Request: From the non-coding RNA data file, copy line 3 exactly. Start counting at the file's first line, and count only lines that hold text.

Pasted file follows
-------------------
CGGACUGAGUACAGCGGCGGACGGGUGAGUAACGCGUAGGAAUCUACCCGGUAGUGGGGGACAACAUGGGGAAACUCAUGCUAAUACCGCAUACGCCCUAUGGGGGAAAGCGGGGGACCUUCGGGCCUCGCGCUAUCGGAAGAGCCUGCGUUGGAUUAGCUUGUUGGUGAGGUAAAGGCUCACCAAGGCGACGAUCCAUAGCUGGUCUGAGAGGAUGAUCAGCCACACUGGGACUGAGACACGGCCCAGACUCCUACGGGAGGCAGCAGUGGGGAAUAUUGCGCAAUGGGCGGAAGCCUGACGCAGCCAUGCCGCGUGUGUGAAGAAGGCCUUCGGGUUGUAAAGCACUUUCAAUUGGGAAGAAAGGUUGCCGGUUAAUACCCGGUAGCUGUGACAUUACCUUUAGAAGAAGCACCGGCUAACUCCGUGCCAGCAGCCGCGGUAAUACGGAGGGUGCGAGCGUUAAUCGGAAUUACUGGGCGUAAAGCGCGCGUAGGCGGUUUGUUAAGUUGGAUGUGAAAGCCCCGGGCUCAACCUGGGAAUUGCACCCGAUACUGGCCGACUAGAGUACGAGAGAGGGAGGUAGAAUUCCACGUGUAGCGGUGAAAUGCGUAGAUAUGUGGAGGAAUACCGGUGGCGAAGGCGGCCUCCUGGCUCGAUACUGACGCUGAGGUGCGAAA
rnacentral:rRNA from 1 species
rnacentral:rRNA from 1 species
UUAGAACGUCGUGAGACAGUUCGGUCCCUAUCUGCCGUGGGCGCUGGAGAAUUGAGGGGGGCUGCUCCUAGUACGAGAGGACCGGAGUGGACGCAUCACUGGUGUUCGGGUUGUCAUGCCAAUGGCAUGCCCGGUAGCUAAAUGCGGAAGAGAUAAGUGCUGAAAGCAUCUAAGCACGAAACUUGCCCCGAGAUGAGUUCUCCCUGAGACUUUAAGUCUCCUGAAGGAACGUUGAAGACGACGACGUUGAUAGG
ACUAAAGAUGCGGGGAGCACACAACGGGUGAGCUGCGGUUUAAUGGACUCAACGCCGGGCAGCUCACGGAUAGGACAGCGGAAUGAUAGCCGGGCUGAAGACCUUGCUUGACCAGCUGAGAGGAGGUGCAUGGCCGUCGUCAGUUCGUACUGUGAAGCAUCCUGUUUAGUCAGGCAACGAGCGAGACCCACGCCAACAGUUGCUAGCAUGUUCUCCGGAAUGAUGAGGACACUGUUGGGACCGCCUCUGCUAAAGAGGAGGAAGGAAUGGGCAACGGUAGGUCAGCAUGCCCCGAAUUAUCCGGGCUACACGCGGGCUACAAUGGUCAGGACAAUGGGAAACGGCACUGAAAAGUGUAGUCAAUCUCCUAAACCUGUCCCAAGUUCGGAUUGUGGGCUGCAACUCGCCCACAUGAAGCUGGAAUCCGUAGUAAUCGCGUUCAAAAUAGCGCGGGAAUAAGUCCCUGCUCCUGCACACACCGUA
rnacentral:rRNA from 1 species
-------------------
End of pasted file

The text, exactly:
rnacentral:rRNA from 1 species